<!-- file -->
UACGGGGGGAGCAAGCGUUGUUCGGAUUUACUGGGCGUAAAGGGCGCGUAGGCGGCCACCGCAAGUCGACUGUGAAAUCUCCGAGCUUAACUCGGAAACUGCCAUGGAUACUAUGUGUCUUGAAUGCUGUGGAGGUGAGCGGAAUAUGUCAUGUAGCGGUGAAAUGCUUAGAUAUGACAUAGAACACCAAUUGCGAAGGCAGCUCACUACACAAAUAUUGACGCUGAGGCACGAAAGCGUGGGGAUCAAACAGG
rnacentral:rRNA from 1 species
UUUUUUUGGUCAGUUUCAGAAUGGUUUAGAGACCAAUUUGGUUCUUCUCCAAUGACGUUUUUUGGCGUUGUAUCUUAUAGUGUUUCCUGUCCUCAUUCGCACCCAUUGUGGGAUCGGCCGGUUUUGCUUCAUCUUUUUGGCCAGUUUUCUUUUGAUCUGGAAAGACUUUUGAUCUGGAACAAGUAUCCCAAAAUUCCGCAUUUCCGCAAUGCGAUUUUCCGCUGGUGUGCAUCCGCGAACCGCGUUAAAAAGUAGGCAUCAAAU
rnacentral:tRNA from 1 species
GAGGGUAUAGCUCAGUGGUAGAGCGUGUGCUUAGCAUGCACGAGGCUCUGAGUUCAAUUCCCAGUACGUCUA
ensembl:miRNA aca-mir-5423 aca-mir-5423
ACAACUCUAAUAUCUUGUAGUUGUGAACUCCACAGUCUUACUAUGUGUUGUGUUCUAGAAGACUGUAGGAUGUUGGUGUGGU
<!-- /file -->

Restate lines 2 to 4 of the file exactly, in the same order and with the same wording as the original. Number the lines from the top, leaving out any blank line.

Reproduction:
rnacentral:rRNA from 1 species
UUUUUUUGGUCAGUUUCAGAAUGGUUUAGAGACCAAUUUGGUUCUUCUCCAAUGACGUUUUUUGGCGUUGUAUCUUAUAGUGUUUCCUGUCCUCAUUCGCACCCAUUGUGGGAUCGGCCGGUUUUGCUUCAUCUUUUUGGCCAGUUUUCUUUUGAUCUGGAAAGACUUUUGAUCUGGAACAAGUAUCCCAAAAUUCCGCAUUUCCGCAAUGCGAUUUUCCGCUGGUGUGCAUCCGCGAACCGCGUUAAAAAGUAGGCAUCAAAU
rnacentral:tRNA from 1 species